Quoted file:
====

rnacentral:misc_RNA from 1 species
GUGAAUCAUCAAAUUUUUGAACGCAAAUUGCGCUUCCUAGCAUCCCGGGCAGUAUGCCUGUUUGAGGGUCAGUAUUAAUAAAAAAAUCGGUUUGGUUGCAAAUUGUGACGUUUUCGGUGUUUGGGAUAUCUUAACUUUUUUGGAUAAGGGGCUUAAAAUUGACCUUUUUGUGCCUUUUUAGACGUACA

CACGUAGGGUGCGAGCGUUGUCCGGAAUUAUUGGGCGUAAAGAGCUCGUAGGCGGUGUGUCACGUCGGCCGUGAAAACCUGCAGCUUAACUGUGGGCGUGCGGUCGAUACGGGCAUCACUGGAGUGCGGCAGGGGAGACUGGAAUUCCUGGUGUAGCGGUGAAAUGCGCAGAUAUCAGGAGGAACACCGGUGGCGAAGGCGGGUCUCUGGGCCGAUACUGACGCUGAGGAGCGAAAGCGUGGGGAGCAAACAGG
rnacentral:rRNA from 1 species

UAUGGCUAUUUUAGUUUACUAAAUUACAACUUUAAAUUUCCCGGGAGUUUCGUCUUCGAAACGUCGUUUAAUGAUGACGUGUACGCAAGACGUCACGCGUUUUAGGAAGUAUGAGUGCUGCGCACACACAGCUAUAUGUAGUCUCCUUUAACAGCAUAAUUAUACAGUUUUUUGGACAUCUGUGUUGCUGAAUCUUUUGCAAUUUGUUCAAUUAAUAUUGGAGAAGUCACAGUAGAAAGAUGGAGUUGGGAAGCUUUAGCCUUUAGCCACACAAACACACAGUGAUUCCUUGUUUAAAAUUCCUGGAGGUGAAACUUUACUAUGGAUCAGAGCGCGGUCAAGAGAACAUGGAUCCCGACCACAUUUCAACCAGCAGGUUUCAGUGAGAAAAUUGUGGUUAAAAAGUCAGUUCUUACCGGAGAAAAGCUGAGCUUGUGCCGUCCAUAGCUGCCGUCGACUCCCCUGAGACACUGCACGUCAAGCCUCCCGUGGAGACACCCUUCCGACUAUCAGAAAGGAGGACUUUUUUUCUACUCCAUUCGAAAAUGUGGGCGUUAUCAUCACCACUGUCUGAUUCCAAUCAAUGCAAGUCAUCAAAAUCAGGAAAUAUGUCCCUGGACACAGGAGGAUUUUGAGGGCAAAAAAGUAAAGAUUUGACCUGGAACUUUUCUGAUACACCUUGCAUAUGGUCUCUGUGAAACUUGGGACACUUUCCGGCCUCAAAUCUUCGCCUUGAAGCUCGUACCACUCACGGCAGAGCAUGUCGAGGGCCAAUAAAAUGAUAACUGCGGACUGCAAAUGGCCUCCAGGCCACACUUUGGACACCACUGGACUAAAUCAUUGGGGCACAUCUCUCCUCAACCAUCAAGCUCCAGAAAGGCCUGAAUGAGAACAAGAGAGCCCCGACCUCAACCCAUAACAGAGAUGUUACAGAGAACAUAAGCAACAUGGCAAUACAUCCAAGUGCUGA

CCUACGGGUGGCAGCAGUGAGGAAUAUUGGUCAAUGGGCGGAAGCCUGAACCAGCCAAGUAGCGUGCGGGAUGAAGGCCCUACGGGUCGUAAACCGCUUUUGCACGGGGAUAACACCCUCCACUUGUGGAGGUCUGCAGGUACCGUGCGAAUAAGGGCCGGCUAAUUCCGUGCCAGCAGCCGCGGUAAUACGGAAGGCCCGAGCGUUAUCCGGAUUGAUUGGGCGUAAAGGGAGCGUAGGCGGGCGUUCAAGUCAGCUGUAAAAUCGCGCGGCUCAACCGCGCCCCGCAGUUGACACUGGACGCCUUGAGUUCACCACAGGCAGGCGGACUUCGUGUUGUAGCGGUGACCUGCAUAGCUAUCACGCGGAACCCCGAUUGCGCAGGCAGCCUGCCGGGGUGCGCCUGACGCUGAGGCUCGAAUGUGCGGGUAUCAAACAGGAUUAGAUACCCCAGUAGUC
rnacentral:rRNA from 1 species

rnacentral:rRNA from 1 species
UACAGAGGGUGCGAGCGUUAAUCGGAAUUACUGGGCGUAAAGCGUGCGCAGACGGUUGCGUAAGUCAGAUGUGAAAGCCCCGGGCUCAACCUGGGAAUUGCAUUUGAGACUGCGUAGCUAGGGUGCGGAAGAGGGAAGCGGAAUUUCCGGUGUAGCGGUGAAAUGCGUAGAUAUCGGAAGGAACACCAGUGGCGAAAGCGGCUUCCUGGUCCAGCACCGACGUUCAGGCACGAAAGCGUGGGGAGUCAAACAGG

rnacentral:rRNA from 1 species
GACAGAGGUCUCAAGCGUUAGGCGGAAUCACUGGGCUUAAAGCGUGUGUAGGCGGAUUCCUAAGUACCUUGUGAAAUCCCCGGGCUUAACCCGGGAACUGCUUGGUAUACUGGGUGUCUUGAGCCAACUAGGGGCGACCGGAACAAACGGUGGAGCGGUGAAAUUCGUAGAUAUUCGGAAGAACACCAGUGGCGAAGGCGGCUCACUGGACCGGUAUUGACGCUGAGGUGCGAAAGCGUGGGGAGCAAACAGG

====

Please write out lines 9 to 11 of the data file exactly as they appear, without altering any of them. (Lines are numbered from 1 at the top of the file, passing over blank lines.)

UACAGAGGGUGCGAGCGUUAAUCGGAAUUACUGGGCGUAAAGCGUGCGCAGACGGUUGCGUAAGUCAGAUGUGAAAGCCCCGGGCUCAACCUGGGAAUUGCAUUUGAGACUGCGUAGCUAGGGUGCGGAAGAGGGAAGCGGAAUUUCCGGUGUAGCGGUGAAAUGCGUAGAUAUCGGAAGGAACACCAGUGGCGAAAGCGGCUUCCUGGUCCAGCACCGACGUUCAGGCACGAAAGCGUGGGGAGUCAAACAGG

rnacentral:rRNA from 1 species
GACAGAGGUCUCAAGCGUUAGGCGGAAUCACUGGGCUUAAAGCGUGUGUAGGCGGAUUCCUAAGUACCUUGUGAAAUCCCCGGGCUUAACCCGGGAACUGCUUGGUAUACUGGGUGUCUUGAGCCAACUAGGGGCGACCGGAACAAACGGUGGAGCGGUGAAAUUCGUAGAUAUUCGGAAGAACACCAGUGGCGAAGGCGGCUCACUGGACCGGUAUUGACGCUGAGGUGCGAAAGCGUGGGGAGCAAACAGG